New Year brings with it the feeling of fresh starts and an enthusiasm to try new things with revitalised energy. It is a time to put to bed the year behind us, its lessons learned and troubles, and to begin thinking about what it is we see in our future: to plant the seeds of our future if you like.
The idea of Feng Shui in its essence is that everything is made up of energy, and that our home therefore is a space made up of energy fields that have either a positive or negative influence. Ideally beginning the New Year would first include a thorough cleanse and de-clutter, and a ‘space clear’ in terms of energy. To have ‘Good Feng Shui’ in your home also means having a home with a sense of beauty so this means getting your home to a stage where you are proud, keeping it clean, clear and organised and decorating with items that your adore or remind you of those whom you love.
Didn’t find any new connections came into your life over the passed year in terms of love matches or friendships? No new opportunities presented themselves to you? Looking for a new job or yearn for an exciting adventure to somewhere exotic? Want to shed those unwanted kilos but just can’t seem to stay on track with your diet? Some believe that Feng Shui may well be your answer. The Ancient Chinese philosophy aims to create a harmonious environment for everyone by using symbols (or cures), as well as shapes or colours, and also looks at the placement of furniture to better influence the energy within a space.
Fresh flowers are often used in Feng Shui but equally as important as cut flowers are indoor house plants. Aside from making the space more attractive, did you know that houseplants improve the quality of air in your home? Here, we have included three house plants that are sure to make your home feel fresh, abundant and bring happiness and (hopefully) prosperity.
Whilst the name suggests that this is a bamboo plant, technically, this attractive lush green plant is from the dracena family and is not related to bamboo at all. Lucky bamboo in a Feng Shui sense, is used to represent bamboo instead. Bamboo grows abundantly in Asia, is upright and straight (desirable personality traits) and is hollow, thus represents having a hollow humble heart.
It is often recommended that 2 stems are placed in a vase in the relationship zone of your bedroom to symbolise a harmonious union with your current partner.
Lucky bamboo is super easy to care for, and thrives in vases of clean water, in soil or in rocks. In keeping with positive Feng Shui, it is ideal to choose straight pieces rather than the curly ones that are available, which instead represent a spiraling downward energy. Yikes!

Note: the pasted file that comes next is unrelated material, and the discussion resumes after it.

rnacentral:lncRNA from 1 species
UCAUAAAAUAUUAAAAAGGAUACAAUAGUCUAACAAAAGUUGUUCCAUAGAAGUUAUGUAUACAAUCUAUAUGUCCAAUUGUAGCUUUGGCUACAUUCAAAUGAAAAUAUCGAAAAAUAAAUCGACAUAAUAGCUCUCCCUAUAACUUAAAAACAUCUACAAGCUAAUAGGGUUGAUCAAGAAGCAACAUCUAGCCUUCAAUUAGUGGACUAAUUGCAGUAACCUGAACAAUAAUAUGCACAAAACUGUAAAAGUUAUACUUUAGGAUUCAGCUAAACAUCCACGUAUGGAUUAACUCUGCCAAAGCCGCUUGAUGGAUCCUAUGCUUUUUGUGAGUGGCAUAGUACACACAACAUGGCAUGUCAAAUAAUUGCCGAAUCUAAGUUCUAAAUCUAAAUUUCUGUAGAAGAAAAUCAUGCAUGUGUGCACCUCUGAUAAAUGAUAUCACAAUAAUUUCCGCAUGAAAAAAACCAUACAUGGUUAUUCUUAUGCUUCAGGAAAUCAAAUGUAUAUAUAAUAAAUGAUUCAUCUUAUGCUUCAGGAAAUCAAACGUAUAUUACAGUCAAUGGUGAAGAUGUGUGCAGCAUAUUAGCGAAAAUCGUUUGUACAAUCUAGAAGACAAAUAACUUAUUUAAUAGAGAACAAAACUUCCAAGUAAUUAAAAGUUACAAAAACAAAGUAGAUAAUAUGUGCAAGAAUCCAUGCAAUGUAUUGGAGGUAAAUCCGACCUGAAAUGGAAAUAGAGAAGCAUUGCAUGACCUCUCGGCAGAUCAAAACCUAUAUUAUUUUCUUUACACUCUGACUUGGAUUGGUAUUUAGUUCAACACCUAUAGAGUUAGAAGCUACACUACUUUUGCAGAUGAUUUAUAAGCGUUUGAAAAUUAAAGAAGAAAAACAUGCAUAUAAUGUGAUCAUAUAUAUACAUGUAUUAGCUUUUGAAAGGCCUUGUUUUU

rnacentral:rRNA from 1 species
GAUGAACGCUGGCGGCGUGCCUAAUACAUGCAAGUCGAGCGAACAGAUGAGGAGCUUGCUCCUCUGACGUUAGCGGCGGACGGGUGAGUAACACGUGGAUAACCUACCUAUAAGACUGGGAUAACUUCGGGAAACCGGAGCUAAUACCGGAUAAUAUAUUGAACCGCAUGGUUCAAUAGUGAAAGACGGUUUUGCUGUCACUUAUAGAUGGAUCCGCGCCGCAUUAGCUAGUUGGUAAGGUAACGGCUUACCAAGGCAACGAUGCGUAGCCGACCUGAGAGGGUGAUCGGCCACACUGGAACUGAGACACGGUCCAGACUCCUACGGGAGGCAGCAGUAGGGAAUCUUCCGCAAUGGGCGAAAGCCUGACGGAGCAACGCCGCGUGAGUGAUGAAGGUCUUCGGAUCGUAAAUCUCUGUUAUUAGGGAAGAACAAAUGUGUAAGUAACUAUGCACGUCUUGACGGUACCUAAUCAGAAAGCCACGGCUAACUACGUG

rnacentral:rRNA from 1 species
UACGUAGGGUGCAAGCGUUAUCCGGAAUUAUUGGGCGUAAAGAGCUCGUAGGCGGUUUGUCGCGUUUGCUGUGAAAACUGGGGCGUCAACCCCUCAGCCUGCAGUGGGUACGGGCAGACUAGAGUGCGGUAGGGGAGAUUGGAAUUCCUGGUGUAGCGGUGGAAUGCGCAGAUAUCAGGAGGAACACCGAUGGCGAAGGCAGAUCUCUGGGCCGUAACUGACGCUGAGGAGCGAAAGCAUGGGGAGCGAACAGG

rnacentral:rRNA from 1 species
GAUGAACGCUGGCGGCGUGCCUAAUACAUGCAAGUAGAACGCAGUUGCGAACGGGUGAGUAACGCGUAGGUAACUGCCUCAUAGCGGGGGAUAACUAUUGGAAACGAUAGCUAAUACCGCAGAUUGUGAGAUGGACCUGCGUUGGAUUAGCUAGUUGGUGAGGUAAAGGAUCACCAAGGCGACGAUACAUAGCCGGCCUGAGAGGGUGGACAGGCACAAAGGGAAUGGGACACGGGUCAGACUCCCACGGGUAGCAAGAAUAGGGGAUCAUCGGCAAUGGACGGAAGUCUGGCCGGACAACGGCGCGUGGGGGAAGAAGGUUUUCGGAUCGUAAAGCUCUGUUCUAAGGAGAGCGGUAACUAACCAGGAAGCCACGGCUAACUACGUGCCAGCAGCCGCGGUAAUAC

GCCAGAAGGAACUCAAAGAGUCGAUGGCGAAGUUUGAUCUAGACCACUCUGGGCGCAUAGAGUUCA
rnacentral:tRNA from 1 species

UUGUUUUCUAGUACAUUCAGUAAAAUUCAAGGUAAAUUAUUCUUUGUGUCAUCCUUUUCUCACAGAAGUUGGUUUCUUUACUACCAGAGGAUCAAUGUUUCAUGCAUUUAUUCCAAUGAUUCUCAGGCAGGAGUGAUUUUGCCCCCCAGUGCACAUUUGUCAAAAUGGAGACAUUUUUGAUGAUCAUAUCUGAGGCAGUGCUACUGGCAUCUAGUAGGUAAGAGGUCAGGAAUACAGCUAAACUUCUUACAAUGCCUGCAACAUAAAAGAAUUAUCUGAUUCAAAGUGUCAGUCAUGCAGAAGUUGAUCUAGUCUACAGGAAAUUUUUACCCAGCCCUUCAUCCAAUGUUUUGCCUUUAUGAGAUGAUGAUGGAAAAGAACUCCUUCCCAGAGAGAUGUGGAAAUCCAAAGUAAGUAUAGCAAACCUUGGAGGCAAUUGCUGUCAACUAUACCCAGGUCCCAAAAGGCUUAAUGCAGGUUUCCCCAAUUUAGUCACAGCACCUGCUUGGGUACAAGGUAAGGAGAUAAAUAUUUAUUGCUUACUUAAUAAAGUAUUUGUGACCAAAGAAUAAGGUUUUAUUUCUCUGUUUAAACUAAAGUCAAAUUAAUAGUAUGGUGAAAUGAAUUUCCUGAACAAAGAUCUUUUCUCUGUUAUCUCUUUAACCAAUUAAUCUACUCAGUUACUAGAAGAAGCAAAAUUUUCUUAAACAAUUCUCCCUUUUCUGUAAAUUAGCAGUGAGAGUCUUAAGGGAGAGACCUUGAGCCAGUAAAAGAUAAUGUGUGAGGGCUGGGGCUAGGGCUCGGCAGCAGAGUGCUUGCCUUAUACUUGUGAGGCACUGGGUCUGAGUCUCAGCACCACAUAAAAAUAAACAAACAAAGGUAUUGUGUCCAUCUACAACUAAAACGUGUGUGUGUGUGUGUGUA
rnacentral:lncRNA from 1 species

Orchids are an attractive flowering plant that comes in many varieties and a kaleidoscope of colours. They flower throughout the whole year (depending on the variety) and are an economical way of adding colour and vibracy to your home. More than that, Orchids release oxygen at night, so help you get a better nights rest.
From a Feng Shui perspective orchids are used to attract a new partner, so they are best placed in the relationship zone of your bedroom (far back right corner). By positioning an orchid there, it is believed you will attract an honorable, honest partner. Florist with Flowers sources a variety of orchids throughout the year from local growers. To see what is available now, check out our plant range.
Crassula Jade Plant:
The Coral Jade (or Crassula Jade) plant is often referred to as the Money Tree. It is widely used in Feng Shui in China and more recently in the western world to encourage wealth and prosperity. The energy of the money plant comes from its well-rooted, vibrant energy seen through new growth. These plants are incredibly easy to look after and can flourish even indoors in artificial light for long periods of time.
These make great gifts for new shop openings or a house warming. Know someone who is on the move or starting a new business venture this year? Check out our range.
Generally speaking in Feng Shui, plants with soft, rounded leaves are preferred as it is believed they offer a softer more gentle energy. That is not to say that if you have plants with spiky sharp leaves or needles you need to give them away, just bear this in mind when choosing new additions to your home.
A word of warning: whilst living plants and fresh flowers bring good Feng Shui, by contrast, vases of dead flowers, or dead plants have the opposite effect. If your plants are not doing well, do your best to remedy this. Too often plants are killed with kindness and are over watered. The best way to avoid this is to simply place one finger down into the soil bed and feel the consistency. If it is damp or moist, leave it for a couple more days.
So, whilst you sit, glass in hand, jotting down your new years’s resolutions tonight and contemplate the year ahead, spare a thought for your withering plant on the kitchen windowsill and the vase full of flowers on the table left over from Christmas lunch. For good luck and prosperity for the year ahead, it may be worth, cleaning the vase and watering the pot plant before falling into bed!